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P.O. Box 1036
Bowie, MD 20718
(301) 262-6452
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Last Updated:
7/24/2014 6:10 PM
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The Link

When we ignore the plight of homeless cats, or when we destroy them merely for lacking homes, we are making a statement about the value of life.  It is common sense that young people, like the rest of us, understand that statement and align their values and behavior with what they see as what is accepted and honored in the community.

But common sense is not the only argument for being kinder to feral cats.  Today, hard evidence supports the belief that there is real danger in allowing animal abuse or suffering to go unanswered.  Cats outdoors without management and caretakers can fall victim to cruelty.  And the same impulse to treat a cat cruelly, can and frequently does lead to treating other people with equal violence.  There IS a connection between abuse of animals and later criminal acts of violence, involving humans.  Read more about the Link, here:

then find out how you can help educate others in the community about the connection, courtesy of this page:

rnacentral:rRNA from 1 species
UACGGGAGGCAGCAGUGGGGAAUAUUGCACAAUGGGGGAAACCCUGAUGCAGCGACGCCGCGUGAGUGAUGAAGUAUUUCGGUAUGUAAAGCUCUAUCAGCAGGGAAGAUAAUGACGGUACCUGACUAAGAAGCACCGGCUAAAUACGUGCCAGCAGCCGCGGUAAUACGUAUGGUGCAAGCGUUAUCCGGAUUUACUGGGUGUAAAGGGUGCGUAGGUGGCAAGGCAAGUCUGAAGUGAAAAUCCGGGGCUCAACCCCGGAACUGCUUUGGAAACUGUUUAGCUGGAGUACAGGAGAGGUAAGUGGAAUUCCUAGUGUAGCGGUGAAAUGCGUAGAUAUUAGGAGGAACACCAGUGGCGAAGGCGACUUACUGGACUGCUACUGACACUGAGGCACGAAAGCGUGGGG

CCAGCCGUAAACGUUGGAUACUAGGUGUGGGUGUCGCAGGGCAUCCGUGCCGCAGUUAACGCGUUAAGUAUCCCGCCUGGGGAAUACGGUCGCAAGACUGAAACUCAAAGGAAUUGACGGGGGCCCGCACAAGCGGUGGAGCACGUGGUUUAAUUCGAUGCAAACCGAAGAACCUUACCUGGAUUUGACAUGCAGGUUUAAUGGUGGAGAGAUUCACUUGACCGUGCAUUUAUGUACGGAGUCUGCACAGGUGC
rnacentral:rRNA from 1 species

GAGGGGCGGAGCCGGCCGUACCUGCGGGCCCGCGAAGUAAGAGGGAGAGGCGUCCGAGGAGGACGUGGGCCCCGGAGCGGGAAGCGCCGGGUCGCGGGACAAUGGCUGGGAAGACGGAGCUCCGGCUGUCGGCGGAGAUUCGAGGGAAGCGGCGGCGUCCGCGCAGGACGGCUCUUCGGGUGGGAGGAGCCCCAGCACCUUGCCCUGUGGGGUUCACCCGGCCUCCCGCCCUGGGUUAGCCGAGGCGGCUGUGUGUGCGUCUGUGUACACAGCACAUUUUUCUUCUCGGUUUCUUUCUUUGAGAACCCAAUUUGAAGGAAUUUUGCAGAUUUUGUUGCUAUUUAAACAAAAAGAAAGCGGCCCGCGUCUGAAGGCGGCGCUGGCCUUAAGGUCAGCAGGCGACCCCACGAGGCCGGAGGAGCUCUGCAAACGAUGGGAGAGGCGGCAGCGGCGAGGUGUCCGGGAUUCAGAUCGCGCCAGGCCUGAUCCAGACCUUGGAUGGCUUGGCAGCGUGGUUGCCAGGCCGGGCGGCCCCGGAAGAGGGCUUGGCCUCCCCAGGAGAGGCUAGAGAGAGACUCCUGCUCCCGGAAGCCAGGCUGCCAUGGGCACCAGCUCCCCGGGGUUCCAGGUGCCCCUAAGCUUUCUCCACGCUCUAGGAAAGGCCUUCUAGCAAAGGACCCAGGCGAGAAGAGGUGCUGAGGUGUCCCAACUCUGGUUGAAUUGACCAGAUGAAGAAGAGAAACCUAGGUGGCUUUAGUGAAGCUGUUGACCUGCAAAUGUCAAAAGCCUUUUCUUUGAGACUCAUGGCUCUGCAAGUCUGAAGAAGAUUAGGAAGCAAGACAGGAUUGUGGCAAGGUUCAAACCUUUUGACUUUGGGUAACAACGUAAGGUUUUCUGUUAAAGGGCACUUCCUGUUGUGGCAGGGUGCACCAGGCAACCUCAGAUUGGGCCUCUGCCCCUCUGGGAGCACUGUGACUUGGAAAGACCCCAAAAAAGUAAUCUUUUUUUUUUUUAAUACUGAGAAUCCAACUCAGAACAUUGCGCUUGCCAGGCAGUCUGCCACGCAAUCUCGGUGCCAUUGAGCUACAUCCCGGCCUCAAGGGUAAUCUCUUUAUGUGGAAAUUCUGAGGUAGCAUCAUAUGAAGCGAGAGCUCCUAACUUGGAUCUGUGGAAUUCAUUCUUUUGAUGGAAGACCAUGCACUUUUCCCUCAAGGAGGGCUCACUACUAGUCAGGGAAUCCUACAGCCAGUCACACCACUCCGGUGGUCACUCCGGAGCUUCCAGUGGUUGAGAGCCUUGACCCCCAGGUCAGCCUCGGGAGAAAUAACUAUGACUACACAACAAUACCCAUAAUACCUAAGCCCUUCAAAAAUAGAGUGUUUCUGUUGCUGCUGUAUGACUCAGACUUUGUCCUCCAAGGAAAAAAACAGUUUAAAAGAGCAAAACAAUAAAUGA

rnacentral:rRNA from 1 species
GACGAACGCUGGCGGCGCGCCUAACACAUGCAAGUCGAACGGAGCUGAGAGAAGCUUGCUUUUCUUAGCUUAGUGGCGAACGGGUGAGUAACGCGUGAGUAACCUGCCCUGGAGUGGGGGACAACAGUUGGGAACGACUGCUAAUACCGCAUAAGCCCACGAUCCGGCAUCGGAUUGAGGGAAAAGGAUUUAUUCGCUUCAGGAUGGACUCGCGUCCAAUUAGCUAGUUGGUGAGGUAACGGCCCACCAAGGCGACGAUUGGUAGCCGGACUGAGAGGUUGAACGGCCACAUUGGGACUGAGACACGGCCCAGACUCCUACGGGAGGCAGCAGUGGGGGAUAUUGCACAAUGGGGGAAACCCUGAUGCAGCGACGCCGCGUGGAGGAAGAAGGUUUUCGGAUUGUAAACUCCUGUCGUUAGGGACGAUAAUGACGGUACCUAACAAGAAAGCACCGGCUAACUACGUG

Above is a link to a paper on one study of the connection, the Link.  As you read the quotes of the abuse victims here, you may notice that the cat in the story seems to be outside -- not necessarily an owned pet, more likely a "stray" cat in the yard, whom the child in the violent situation had taken pity on.  This abuse victim befriended a helpless, homeless cat, probably wanting to help ONE other creature in trouble.  The abuser here used the cat as a part of his control of his victims.  Colony caretakers would, at worst, have noticed this cat was missing, if they had not been able to intervene before the cat was killed.  That cat's life would have mattered, and very possibly this abuse situation could have been identified sooner.

How does a Trap, Neuter and Return program contribute to breaking this link?  Easy.  It offers veterinary care and daily monitoring and care of the cats in our community that have no home with a human.  Participating in a TNR project shows others in your neighborhood that you recognize the value of the life.  And if a community cares about the needy animals in its midst, it's much more likely to know how to care about the needy human beings.  Young people learn by seeing that even if a living creature is small and without a voice, it is important for us to care for that creature.  They learn that the answer to our problems is never the taking of a life, and they see that it's possible to solve any dilemma if we approach it with compassion and respect.